Business Day 26 April 2021 - The medicines regulator has given the J&J vaccine the greenlight with 1.1-million doses ready to be dispatched from Aspen Gqeberha
The Sisonke vaccine trial of health workers will start again on Wednesday, health minister Zweli Mkhize has announced, and the sites offering vaccinations will be expanded to 95 from 18. Mkhize said in a statement, “It has since been established there is a one-in-a-million chance of getting a clot after the Johnson & Johnson (J&J) vaccine, and it appears that women between the ages of 18 and 48 are at risk.” He said there were far more cases of blood clots related to Covid-19 itself and urged people to get vaccinated. The blood clot condition, known as vaccine-induced thrombotic thrombocytopenia (VITT), caused both a blood clot in the brain and abdomen, as well as a low platelet count. Eight people in the US developed this after 6.8-million J&J vaccinations.
Business Day 26 April 2021 - As the US says the J&J vaccine is good to go with benefits far outweighing risks, some in the US seem OK being half-vaccinated against Covid-19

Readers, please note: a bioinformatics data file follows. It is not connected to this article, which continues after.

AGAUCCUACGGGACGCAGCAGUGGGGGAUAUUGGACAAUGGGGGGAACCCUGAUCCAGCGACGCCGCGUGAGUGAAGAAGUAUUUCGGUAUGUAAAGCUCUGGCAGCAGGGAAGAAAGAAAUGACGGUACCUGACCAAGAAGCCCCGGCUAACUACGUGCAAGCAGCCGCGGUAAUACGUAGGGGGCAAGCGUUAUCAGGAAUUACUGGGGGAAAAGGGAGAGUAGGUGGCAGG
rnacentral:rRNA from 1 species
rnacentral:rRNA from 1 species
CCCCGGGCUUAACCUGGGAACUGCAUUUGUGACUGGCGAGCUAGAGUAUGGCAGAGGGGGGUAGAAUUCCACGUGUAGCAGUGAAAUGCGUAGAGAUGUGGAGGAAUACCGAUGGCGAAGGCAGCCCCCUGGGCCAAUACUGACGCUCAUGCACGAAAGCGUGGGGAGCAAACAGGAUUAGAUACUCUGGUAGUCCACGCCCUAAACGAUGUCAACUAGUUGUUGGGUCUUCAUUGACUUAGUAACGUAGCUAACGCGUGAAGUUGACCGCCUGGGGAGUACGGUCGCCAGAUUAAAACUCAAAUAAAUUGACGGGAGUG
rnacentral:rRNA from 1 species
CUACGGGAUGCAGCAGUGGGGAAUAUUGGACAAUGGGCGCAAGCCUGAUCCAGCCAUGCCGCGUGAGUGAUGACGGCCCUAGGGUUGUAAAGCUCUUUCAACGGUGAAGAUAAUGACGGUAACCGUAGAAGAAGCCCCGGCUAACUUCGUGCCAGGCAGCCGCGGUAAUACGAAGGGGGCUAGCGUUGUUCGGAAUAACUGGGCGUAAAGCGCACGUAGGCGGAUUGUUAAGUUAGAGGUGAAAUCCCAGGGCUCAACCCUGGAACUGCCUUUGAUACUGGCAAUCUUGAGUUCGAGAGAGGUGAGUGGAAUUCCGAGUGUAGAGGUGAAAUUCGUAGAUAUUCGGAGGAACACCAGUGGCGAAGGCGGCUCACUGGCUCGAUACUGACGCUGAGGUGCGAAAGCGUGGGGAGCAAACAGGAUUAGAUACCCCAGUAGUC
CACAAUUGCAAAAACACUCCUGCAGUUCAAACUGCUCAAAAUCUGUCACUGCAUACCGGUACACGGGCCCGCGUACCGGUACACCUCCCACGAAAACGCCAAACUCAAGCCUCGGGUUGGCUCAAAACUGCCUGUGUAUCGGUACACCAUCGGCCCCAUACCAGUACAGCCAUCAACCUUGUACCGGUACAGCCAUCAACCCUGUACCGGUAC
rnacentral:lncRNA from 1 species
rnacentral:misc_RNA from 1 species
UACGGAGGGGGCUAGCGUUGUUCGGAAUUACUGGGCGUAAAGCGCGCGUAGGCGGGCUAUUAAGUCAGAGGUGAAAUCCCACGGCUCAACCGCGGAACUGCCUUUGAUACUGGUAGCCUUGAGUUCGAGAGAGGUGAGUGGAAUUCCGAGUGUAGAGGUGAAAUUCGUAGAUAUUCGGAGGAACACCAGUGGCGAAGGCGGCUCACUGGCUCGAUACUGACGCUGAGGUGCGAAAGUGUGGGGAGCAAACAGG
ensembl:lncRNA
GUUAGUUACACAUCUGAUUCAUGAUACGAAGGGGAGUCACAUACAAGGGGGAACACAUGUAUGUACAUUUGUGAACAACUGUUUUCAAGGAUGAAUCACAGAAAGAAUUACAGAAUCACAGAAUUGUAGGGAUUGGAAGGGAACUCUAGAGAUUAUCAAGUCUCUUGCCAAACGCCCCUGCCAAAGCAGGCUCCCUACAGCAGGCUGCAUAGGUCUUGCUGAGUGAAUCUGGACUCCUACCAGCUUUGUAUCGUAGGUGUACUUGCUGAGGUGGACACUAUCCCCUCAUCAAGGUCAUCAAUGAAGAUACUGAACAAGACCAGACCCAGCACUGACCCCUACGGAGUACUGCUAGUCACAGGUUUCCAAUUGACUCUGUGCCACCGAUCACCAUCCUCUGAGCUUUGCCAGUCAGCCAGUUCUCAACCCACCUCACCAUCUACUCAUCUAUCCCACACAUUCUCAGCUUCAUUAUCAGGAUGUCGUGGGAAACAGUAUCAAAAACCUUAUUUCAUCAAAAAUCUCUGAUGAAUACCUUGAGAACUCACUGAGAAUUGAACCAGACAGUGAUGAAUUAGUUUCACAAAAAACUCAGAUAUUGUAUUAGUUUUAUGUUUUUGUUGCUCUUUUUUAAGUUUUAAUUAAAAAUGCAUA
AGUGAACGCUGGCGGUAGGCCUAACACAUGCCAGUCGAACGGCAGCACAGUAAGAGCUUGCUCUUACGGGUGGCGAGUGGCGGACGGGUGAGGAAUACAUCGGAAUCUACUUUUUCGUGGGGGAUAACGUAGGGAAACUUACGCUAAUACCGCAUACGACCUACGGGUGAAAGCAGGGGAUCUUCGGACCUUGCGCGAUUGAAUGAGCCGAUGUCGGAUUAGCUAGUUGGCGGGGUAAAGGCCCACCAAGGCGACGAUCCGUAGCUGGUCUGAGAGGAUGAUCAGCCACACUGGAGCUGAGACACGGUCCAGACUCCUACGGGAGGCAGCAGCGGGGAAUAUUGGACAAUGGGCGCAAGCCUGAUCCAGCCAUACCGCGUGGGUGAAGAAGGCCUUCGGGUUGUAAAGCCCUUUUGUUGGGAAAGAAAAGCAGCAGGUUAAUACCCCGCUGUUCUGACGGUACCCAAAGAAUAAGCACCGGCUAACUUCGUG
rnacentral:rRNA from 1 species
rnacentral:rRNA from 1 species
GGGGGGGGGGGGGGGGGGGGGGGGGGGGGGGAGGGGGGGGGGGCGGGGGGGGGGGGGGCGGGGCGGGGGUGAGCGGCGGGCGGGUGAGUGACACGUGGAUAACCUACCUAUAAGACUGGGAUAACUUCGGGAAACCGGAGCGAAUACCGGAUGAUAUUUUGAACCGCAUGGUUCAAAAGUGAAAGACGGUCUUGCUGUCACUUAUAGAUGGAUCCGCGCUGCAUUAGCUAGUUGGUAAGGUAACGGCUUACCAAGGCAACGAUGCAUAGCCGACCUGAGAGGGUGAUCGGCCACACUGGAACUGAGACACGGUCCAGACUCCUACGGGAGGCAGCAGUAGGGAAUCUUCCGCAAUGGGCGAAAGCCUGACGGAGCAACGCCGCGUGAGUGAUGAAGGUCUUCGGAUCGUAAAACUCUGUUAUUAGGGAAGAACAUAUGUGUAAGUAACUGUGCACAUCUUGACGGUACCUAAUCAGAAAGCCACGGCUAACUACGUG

For Americans wary of the Johnson & Johnson (J&J) Covid-19 vaccine as it returns to use after the investigation of a rare but potentially deadly side effect, health experts have a message: the system worked. A recommended hold on the vaccine was lifted on Friday by the US Centers for Disease Control and Prevention (CDC) and the Food and Drug Administration after a 10-day review of rare but serious blood clots in some people who had received the shot. The small risk of clots from the shot is far outweighed by its protection against the coronavirus, an advisory panel said. In the next six months, the shot could prevent some 1,435 Covid-19 deaths and 2,236 hospitalisation, compared with a projected 26 possible clot cases, according to a presentation by the CDC.
Business Day 23 April 2021 - Gazetted rules follow J&J and Pfizer insisting on a no-fault compensation scheme run by the government
South Africans who claim from a Covid-19 vaccine injury fund will give up rights to approach the courts to sue the government or health workers should they suffer severe injury from taking the injection. This is in terms of new regulations for the compensation fund in the event a person is severely injured by a Covid-19 vaccine. Minster of co-operative governance Nkosazana Dlamini-Zuma gazetted the regulations after allowing four days for comments, leading to an outcry by activists. The government has secured millions of doses of vaccines from drug companies Johnson & Johnson (J&J) and Pfizer, who both insisted on a no-fault compensation scheme run by the government as a prerequisite for supplying the vaccines. The companies will not be liable for any costs should the vaccines cause injury or death but instead the government will take on liability.